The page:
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What You Might Not Know about Carpal Tunnel Syndrome

An estimated 12 million Americans suffer from the painful nerve disorder of carpal tunnel syndrome (CTS). We’ve heard the term so much that it might start to seem as if CTS is simply something you should live with. But investigators are working on new ways to prevent and cure it.

The carpal tunnel, located at the base of the hand, is a narrow passageway of ligament and bones that houses the median nerve, which runs from the forearm into the palm of the hand. When tendons are irritated nerves can become compressed, causing numbness and pain in the wrist, palm and first three fingers of the hand.

Women, who are three times likelier to have CTS than men, are particularly susceptible between the ages of 45 and 55, perhaps because their carpal tunnel is narrower. But the risk in both males and females increases with age.

Here’s what you might not know about the disorder: Although it’s commonly believed that CTS is caused almost exclusively by long periods of typing or working at a computer, that’s not the case.

In fact, a 2001 study by the Mayo Clinic found heavy computer use did not increase the risk of developing carpal tunnel syndrome, but that was before the prevalence of texting and when heavy computer use was considered up to seven hours a day. Now we use keyboards from the moment we wake up until we close our eyes to sleep.

Other kinds of repetitive movement, like that of assembly-line workers, also lead to CTS. But there are a number of other causes as well, including genetic factors, hormonal changes, diabetes, lupus, obesity , hypothyroidism and rheumatoid arthritis.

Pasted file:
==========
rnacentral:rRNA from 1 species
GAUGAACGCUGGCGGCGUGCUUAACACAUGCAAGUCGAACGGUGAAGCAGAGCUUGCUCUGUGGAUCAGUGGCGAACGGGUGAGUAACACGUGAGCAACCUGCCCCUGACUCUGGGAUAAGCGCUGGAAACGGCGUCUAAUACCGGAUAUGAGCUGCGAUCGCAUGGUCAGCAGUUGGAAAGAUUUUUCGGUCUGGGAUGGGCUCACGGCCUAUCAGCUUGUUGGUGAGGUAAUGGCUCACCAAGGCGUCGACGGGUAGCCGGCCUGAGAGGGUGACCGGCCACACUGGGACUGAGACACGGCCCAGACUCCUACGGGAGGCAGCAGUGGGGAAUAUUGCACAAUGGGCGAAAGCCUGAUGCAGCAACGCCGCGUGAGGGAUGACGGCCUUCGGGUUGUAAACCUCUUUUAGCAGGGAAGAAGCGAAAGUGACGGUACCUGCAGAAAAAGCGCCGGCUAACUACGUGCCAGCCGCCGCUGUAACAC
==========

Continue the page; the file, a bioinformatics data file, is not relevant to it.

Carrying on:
Additionally, people can confuse symptoms of bursitis and tendonitis with CTS. That’s why it’s important to see a doctor for diagnosis, no matter what you think the condition or cause is.

A CTS diagnosis can be made via tests as simple as pressing on the patient’s median nerve and analyzing the reaction. A physician may also use electrodiagnostic tests, in which nerve reactions are monitored by electrodes. (Of course, if there is an underlying condition like rheumatoid arthritis, it’s essential that that be treated first.)

Beginning CTS treatment usually involves resting the hand by wearing a splint and reducing the swelling that’s causing compression with anti-inflammatory medicines and icing. Physical therapists may advise stretching and strengthening exercises. Early treatment is important; for advanced cases, discuss surgery as an option with your doctor. An operation is generally successful, but involves a long recovery period.

Alternative therapies can help. Yoga has been shown to reduce pain and improve grip strength by strengthening flexor muscles of the forearm. Acupuncture has also proven effective, and massage tcan help release pain by long strokes up the forearm, gentle range of motion exercises for the wrist, and extending fingers, hand, wrist and elbow to stretch the flexors.

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